According to the Autism Society of America (ASA), "autism is defined by a certain set of behaviors and is a 'spectrum disorder' that affects individuals differently and to varying degrees."
So, not only is there no concise definition of this disorder, there are no hard and fast rules governing the manifestation of the disorder, but there are screening processes that can help parents help their health care practitioners get an earlier diagnoses and earlier treatment. What, then, are the ways in which children are tested for, and diagnosed with, autism?
Screening and Observation
While there is no medical test for detecting autism, The Centers for Disease Control and Prevention states that autism spectrum disorders can be detected as early as 18 months of age; signs of autism generally manifest themselves when children are under age three.
Autism is treatable, and, like other disorder, early detection is key to obtaining timely and effective treatment. The ASA offers several signs to look for in children, including "lack of or delay in spoken language; repetitive use of language and/or motor mannerisms (e.g., hand-flapping, twirling objects); little or no eye contact; lack of interest in peer relationships; lack of spontaneous or make-believe play; and persistent fixation on parts of objects."
The first place to start is with your child's regular visits to the pediatrician. Screening can "help identify children who might have developmental delays," according to the CDC. Screening cannot, however, "give sure evidence of developmental delays, and . . . cannot be used to make a diagnosis." Developmental screening during a regular check up will determine if a child needs more intensive evaluation in the form of developmental surveillance.
Developmental surveillance consists of observing a child and accurately recording observations regarding his development. More information about developmental surveillance is available here.
Screening for high-functioning autism or Asperger's syndrome can be performed on school-aged children; these disabilities are often present in the absence of language delays.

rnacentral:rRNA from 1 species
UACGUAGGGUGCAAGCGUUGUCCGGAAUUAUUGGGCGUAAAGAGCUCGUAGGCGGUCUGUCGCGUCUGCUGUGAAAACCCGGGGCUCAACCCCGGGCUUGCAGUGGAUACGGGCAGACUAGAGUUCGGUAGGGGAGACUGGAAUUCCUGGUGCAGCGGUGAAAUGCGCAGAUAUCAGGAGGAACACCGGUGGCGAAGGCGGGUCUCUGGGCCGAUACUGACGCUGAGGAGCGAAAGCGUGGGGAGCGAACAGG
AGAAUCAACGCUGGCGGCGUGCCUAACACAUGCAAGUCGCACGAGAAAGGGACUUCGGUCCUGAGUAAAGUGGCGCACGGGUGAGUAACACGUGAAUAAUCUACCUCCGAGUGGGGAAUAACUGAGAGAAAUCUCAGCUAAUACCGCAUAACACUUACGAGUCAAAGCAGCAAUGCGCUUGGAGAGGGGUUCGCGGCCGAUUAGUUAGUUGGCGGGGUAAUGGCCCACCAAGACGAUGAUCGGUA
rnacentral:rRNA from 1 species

Comprehensive Diagnostic Evaluation
The next step is for a child to undergo a diagnostic evaluation to determine if he has autism. This may consist of a comprehensive developmental history, parent interviews, psychological evaluations, speech and language evaluation, and possibly genetic, physical, and neurological testing. The CDC cautions that, because of the complexity of autism, "no single tool should be used as the only basis for diagnosing autism." Diagnostic tools rely on direct observation of a child as well as information reported by a parent or caregiver.
What Parents Should Do
Parents should know the developmental milestones appropriate to their child's age. The CDC's "Learn the Sign. Act Early" site offers a concise overview of what a child should be doing at ages three months through five years.
If you suspect your child has a developmental delay, discuss that with your pediatrician. He or she may refer you to - or you should ask for a referral to - a developmental specialist. Knowledge is power, so be sure to consult the CDC and ASA websites for more information.
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